Unprecedented in its speed and scope, this pioneering project transformed the neighborhood.
Melrose Commons, a 35-block urban renewal area located in the South Bronx, was once a vibrant community. Dating back to the late 19th century, by 1993 it lay in shambles – burnt out and desolate, populated by less than 6,000 of the nation’s poorest people.
Although no formal presentation had been made to them, in 1992 the community became aware of the City’s urban renewal plan and knew that it would lead to a certain amount of displacement. At a public meeting in October 1992, a number of community residents – homeowners, tenants and businesses – vented their anger at the plan to take over their neighborhood. They demanded that any new development slated for the area include them.
A local effort at organization culminated in the formation of the We Stay Committee – Comité Nos Quedamos. Nos Quedamos surveyed other residents, held public meetings and ultimately became the unified voice that articulated the community’s concerns, demanding the time and opportunity to formulate an alternative plan.
In response to the community’s action, the Bronx Borough President halted the approval process for the existing urban renewal plan to allow community input. The Departments of City Planning and Housing Preservation and Development agreed to abandon their existing plan and to sit down with the community on a weekly basis to work with them to develop a new plan reflecting the community’s concerns. Nos Quedamos requested that Magnusson Architecture and Planning (MAP) work with them in shaping their plan, providing technical overviews and negotiating with the City agencies.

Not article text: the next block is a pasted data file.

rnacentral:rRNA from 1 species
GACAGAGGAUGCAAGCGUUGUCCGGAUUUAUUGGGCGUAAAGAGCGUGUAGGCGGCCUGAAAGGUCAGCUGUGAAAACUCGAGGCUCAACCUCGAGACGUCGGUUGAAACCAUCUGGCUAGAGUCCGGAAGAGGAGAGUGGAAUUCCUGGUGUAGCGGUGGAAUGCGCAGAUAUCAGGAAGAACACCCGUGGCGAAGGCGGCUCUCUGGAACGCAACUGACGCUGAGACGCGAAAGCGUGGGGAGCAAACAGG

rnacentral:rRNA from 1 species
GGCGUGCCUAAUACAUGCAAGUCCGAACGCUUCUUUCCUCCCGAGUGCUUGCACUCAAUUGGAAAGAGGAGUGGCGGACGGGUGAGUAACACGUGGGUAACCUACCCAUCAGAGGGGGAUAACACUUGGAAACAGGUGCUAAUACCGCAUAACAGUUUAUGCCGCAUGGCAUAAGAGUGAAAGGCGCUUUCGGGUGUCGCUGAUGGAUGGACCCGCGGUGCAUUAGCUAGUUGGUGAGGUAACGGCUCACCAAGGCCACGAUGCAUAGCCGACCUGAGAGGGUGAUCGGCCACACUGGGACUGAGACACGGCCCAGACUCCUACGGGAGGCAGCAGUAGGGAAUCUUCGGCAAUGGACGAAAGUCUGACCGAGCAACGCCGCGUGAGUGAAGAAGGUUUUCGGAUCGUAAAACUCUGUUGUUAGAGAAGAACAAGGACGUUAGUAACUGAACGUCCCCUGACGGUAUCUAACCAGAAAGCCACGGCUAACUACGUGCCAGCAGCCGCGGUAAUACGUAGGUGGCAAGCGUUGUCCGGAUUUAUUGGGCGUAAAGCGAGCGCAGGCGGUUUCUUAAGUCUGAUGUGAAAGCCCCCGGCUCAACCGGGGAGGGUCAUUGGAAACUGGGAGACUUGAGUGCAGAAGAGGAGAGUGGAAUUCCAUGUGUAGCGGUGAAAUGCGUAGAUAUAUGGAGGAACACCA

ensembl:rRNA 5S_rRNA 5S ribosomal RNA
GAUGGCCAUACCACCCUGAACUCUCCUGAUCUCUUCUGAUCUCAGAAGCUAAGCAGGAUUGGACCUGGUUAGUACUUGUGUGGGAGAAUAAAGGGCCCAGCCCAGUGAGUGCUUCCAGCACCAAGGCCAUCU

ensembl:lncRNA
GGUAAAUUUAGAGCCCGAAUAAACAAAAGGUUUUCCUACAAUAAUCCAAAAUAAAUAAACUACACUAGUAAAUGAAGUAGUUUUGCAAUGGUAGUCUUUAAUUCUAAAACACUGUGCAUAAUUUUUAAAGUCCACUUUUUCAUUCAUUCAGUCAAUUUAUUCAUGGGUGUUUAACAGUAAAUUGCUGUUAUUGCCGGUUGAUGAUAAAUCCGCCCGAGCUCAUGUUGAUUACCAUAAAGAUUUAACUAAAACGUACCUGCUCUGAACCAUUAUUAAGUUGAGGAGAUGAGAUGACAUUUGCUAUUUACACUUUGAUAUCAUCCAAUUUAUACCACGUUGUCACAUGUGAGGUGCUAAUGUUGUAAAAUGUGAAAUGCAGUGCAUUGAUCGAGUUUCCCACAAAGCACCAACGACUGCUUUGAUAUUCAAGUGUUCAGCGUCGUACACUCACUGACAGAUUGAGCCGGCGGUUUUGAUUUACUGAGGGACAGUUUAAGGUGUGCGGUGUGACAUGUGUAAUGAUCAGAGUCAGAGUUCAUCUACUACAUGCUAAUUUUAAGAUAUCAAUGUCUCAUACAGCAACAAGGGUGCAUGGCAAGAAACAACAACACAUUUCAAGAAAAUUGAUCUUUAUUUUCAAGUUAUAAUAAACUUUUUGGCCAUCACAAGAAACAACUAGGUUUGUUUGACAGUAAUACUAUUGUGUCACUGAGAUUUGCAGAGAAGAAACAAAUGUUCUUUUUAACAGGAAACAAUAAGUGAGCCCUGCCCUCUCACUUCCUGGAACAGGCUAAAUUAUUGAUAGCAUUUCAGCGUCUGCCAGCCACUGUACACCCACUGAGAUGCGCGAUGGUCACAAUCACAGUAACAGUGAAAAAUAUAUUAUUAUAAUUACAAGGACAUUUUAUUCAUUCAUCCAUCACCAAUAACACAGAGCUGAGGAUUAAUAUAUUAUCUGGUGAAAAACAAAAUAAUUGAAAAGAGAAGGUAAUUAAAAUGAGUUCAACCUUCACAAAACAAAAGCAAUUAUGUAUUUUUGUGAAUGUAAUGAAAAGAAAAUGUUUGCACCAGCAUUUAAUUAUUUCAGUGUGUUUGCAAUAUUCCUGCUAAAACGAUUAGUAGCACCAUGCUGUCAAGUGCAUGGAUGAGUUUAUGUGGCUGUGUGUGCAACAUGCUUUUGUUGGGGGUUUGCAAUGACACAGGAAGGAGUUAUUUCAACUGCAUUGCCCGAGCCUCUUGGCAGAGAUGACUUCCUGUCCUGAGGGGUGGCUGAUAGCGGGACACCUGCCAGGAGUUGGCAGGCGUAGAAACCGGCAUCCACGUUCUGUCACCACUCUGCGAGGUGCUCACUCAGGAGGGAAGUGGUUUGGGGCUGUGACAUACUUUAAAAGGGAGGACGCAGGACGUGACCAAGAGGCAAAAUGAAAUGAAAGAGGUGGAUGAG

Rallying behind Nos Quedamos/We Stay, the community – which traditionally felt alienated by an increasingly bureaucratic and aloof city government – was able to make their voice heard.
Over the course of a self-imposed six month period and with the help of MAP Architects, the community was able to develop an in-depth urban renewal plan, which both the City and State eventually adopted. This plan was signed into law in early 1994.
The Melrose Commons urban renewal plan was approved by the City in 1994 and was the first of it’s type in the City of New York. Nos Quedamos moved to set a new precedent for community planning, forcing the City to engage its residents in the future of their community, rather than simply displacing them entirely in favor of the City’s vision.